UNC Football: Where is the Tar Heel Defense?


Sep 28, 2013; Chapel Hill, NC, USA; East Carolina Pirates receiver Jimmy Williams (27) dives forward for yards after being tripped up by North Carolina Tarheels safety Tre Boston (10) during the second half at Kenan Memorial Stadium. ECU won 55-31. Mandatory Credit: Rob Kinnan-USA TODAY Sports

I tried to pick one play, one clip, that illustrated the question, “Where is the Carolina defense?”

This is a simple running play, a Vintavious Cooper hand-off that has no trickery or deception involved. It should go for about 3 yards; a conservative, “let the clock run” play call in the third quarter for ECU. The play sums up UNC’s entire game Sunday. You and I can easily count three (!!!!) missed tackles in that one play. Three missed tackles in one half is unacceptable. But in one play? Come on, man. And the hole that Cooper had to run through, sheesh. You could fit and 18 wheeler through that hole.

I want you to go back and look at that play again, watching specific North Carolina defensive players. Watch number 55, Tommy Heffernan, the linebacker to the far side. Watch the near side linebacker number 33, Nathan Staub. Watch the D-Line. When you watch closely, you see how pathetic the effort was on this play, and for the entire game.

Heffernan starts on the far side of the field from the video’s vantage point. He ends up being too slow to tackle Cooper after running around the defensive end, and Cooper cuts back through the massive hole while Heffernan slows down. Then, Heffernan realizes, “Darn, I might still have a shot at making this tackle,” so he speeds back up and ends up on his belly after missing the tackle. Had Heffernan just moved a yard to the left on the snap and filled that gap, he would have been in great position to make a play. Instead, he decided to run in a circle, and finish the act by diving after Cooper.

And its not just Heffernan with the poor effort and tackling. Nathan Staub leans to the near side of the field, sprints the other direction after the Cooper cut back, and misses a tackle. Tre Boston misses an easy tackle after correctly reading the play. And right from the start, UNC’s defensive lineman on the far side both get manhandled by ECU’s. They both get moved about five yards, which creates the big hole.

We could sit and dissect UNC’s defense on every play. There are plenty of examples, but the title of this piece isn’t “how bad is UNC’s defense” but why it is so bad. You can blame poor effort and bad tackling all day long, but there are two deeper answers to that question, one involving X’s and O’s and one involving Marvin Austin.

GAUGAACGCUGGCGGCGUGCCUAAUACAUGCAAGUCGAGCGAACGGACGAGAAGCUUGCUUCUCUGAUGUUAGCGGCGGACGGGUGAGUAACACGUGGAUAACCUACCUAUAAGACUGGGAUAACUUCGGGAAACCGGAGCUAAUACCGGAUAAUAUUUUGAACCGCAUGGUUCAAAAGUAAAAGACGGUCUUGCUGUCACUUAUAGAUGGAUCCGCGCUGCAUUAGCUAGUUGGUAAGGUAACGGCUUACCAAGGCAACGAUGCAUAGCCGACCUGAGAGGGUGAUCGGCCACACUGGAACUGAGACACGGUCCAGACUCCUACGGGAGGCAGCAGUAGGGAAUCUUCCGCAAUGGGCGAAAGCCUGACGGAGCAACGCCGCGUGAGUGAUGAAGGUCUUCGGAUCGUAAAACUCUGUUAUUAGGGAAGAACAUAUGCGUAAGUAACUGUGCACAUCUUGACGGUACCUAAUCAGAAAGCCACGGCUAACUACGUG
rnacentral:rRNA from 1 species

Sep 28, 2013; Chapel Hill, NC, USA; East Carolina Pirates running back Chris Hairston (22) is tackled by North Carolina Tarheels cornerback Malik Simmons (11) during the second half at Kenan Memorial Stadium. ECU won 55-31. Mandatory Credit: Rob Kinnan-USA TODAY Sports

I could throw stats at you all day. ECU averaged 8.0 yards per pass, 4.0 yards per run, went for 603 total yards and 8-16 on third downs. One of the reasons that ECU had all those pass yards is that Shane Carden had all day to throw. UNC’s defensive lineman gave no push up front and offered no help in stopping the run. However, UNC’s lineman aren’t that bad, I think some of the fault goes to the system that UNC plays with.

The 4-2-5 is geared towards letting linebackers and bandits make plays and be the brunt of the pass rush and run stopping. But UNC has a personnel problem. Nathan Staub, Travis Hughes and Tommy Heffernan, UNC’s linebackers, aren’t playing well enough, getting enough pressure on the QB, and filling enough gaps to support the rest of the defense. And when those linebackers aren’t making plays, the defense starts to collapse.

That has been the case this year, as teams have imposed their will on the Tar Heels in the trenches. Then the linebackers aren’t experienced enough to know where to go to make the plays, and even if they are in the right spot, sometimes they just flat out miss the play. Combined this season, Heffernan and Staub have ten tackles. Thats just not going to cut it.

But in the past, UNC hasn’t had this personnel problem at linebacker. Kevin Reddick, Bruce Carter, Quan Sturdivant, Zach Brown and Marc Paschal are just a few of the names and talents that UNC has had at LB the last few years. So where did all that talent go? That is a much more difficult question to answer, and it involves a lot more than X’s and O’s.

When the walls fell in on UNC’s program in 2010, UNC’s teams didn’t really suffer all that much immediately. UNC had enough talent assembled from previous recruiting classes to perform at a high level on the football field even with all the NCAA sanctions and distractions going on. The one area that lacked was recruiting, and UNC is just now feeling the pains of that problem.

During the two years when the dark cloud was over Carolina football, UNC didn’t recruit well. Those recruits are now in their sophomore and junior classes, and guys like Nathan Staub and Tommy Heffernan are playing big minutes at linebacker because of it. Much of the defensive’s depth and talent issues stem from this problem, because Staub, Heffernan and others aren’t ready to start and lead this football team.

All the defensive issues are new to fans, but they might have to get use to the struggles. After so many good players cycled through the program, this defensive squad may be the norm until Coach Fedora can move one or two good recruiting classes through the door.

So “Where is the Carolina defense?” It is hidden behind personnel breakdowns and miscommunications stemming from younger players being forced to play when they aren’t ready. It is stuck in the mud as the trickle down effects of the NCAA sanctions are just now being felt.